Salaries for highly demanded IT-based roles such as cybersecurity specialists are set to rise in the United Kingdom in 2018, according to a new salary survey.
The survey, conducted by recruitment firm Robert Walters, said cybersecurity professionals in the UK would get an average pay rise of seven percent, one of the highest salary increases for technology roles in the island nation.
“At this point, salaries for IT professionals are highly inflated, with employers having to compete to secure top talent. In this context, the increases for cyber security specialists are particularly noteworthy,” said Ahsan Iqbal, associate director at Robert Walters.
The demand for cyber security professionals across industries has significantly increased amid growing cyber-attacks over the last few years.
An increase of seven percent in salary means that a professional in a head of Information security role in London with at least ten years of experience would fetch between £105,000 and £170,000 annually in 2018.
Last year, the annual salary of a London-based head of information security was between £95,000 and £155,000.
A head of Information security role in London would fetch between £105,000 and £170,000 annually in 2018.
Besides cybersecurity professionals, the salaries for other popular technology roles such as Data scientists are also set to rise.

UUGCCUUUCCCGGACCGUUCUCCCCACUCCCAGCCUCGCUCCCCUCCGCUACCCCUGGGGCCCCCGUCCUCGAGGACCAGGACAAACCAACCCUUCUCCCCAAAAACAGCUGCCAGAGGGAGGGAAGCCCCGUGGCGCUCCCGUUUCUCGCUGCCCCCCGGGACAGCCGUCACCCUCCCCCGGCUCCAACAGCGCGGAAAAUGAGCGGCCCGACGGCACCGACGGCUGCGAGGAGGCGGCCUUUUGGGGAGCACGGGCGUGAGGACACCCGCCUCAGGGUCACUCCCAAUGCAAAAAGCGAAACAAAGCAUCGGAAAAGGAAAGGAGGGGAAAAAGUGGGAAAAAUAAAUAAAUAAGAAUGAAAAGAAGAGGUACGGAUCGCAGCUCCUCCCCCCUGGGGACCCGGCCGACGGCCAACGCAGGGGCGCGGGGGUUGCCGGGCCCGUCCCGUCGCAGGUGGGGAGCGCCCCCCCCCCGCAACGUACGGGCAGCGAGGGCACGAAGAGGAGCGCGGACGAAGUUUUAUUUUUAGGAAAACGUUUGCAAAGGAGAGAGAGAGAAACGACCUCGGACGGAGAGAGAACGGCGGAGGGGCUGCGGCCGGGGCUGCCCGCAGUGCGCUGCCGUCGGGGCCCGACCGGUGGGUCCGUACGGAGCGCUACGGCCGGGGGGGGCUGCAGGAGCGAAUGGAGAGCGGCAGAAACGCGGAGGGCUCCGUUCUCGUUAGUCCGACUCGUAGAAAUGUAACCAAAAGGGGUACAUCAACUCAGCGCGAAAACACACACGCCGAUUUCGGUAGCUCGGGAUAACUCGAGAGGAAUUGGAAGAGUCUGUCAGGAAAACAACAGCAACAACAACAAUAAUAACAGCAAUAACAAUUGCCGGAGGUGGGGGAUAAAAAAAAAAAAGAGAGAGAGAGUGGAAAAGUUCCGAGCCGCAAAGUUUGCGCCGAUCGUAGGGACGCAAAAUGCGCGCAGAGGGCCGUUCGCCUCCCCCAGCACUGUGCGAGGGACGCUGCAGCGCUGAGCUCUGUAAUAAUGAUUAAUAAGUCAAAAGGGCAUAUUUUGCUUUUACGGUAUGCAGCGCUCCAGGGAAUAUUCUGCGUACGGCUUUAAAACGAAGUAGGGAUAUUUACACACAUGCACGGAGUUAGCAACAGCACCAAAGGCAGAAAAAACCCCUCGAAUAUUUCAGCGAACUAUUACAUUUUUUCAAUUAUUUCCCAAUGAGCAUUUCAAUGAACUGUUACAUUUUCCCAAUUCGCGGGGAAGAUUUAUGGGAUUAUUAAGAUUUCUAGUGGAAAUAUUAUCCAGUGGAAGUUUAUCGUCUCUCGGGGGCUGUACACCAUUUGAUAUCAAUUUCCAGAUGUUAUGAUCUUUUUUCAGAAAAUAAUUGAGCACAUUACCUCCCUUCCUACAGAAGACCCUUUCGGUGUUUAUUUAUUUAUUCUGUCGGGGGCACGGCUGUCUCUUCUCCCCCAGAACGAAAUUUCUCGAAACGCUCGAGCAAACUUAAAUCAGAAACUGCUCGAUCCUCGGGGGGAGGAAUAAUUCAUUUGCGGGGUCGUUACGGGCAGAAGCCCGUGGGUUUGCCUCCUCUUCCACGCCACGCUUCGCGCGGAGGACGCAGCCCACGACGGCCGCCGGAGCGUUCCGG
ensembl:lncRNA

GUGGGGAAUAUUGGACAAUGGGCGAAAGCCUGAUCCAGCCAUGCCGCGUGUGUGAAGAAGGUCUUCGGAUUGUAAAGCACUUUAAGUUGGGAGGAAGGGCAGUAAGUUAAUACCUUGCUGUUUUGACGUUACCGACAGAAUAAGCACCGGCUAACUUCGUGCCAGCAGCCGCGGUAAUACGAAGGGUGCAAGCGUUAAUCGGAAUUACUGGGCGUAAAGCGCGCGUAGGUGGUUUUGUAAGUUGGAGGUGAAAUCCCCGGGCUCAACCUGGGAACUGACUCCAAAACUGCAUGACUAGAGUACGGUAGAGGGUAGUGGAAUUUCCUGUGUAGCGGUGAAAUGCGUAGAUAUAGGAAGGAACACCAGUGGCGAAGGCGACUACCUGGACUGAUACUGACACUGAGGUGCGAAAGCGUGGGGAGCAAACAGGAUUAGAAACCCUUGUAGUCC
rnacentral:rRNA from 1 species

A head of data science role in London can expect an annual salary of £100,000 and £180,000 in 2018– an increase from 2017 where the same role in the England capital fetched £95,000 and £155,000 a year.
The development and infrastructure specialists have also been growing in demand and will get an average increment of three percent in their annual salary this year.
Iqbal said the firms in the UK are increased looking for highly-skilled and experienced IT professionals in the fields of Java, Linux, cyber security, pen testing, intelligence, architecture and cloud security customer relationship management (CRM).
“In addition to technical skills, employers are keen to secure professionals who can demonstrate communication and project management skills as they look to more closely integrate their IT function into the wider business,” he added.
The skill gap in the cyber security industry in the UK is the major factor in firms’ inability to find the talented individuals needed to fill up these empty roles.
According to Cyber Safety and Education’s eighth Global Information Security Workforce Study (GISWS), the shortfall of cyber-security jobs in the UK was around 100,000 in February 2017.